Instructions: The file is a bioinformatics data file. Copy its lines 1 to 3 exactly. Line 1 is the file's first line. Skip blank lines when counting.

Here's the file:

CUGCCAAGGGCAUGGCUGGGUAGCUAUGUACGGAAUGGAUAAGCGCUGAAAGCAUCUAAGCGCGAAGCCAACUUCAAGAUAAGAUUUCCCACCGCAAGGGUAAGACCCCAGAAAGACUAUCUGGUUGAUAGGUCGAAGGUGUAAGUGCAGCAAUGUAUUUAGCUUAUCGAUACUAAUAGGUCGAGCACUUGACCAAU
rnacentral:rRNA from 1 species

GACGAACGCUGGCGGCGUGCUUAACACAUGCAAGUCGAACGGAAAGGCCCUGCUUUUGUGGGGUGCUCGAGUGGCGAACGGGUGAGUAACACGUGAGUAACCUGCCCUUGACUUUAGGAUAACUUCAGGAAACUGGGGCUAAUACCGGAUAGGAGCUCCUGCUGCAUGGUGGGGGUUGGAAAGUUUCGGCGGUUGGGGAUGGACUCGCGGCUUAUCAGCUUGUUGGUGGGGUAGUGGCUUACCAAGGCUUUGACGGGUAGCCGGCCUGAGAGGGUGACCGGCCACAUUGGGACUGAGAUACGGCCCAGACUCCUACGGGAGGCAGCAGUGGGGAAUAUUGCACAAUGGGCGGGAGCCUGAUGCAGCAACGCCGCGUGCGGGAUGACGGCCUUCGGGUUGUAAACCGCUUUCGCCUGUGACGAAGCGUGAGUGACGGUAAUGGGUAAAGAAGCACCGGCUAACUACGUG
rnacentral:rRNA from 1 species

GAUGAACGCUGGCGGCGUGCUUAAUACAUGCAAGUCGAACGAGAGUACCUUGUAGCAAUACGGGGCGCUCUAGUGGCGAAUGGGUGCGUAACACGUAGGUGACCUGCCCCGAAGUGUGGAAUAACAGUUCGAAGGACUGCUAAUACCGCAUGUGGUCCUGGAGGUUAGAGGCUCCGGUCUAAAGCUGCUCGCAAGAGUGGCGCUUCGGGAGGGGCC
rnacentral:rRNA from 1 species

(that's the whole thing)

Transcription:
CUGCCAAGGGCAUGGCUGGGUAGCUAUGUACGGAAUGGAUAAGCGCUGAAAGCAUCUAAGCGCGAAGCCAACUUCAAGAUAAGAUUUCCCACCGCAAGGGUAAGACCCCAGAAAGACUAUCUGGUUGAUAGGUCGAAGGUGUAAGUGCAGCAAUGUAUUUAGCUUAUCGAUACUAAUAGGUCGAGCACUUGACCAAU
rnacentral:rRNA from 1 species

GACGAACGCUGGCGGCGUGCUUAACACAUGCAAGUCGAACGGAAAGGCCCUGCUUUUGUGGGGUGCUCGAGUGGCGAACGGGUGAGUAACACGUGAGUAACCUGCCCUUGACUUUAGGAUAACUUCAGGAAACUGGGGCUAAUACCGGAUAGGAGCUCCUGCUGCAUGGUGGGGGUUGGAAAGUUUCGGCGGUUGGGGAUGGACUCGCGGCUUAUCAGCUUGUUGGUGGGGUAGUGGCUUACCAAGGCUUUGACGGGUAGCCGGCCUGAGAGGGUGACCGGCCACAUUGGGACUGAGAUACGGCCCAGACUCCUACGGGAGGCAGCAGUGGGGAAUAUUGCACAAUGGGCGGGAGCCUGAUGCAGCAACGCCGCGUGCGGGAUGACGGCCUUCGGGUUGUAAACCGCUUUCGCCUGUGACGAAGCGUGAGUGACGGUAAUGGGUAAAGAAGCACCGGCUAACUACGUG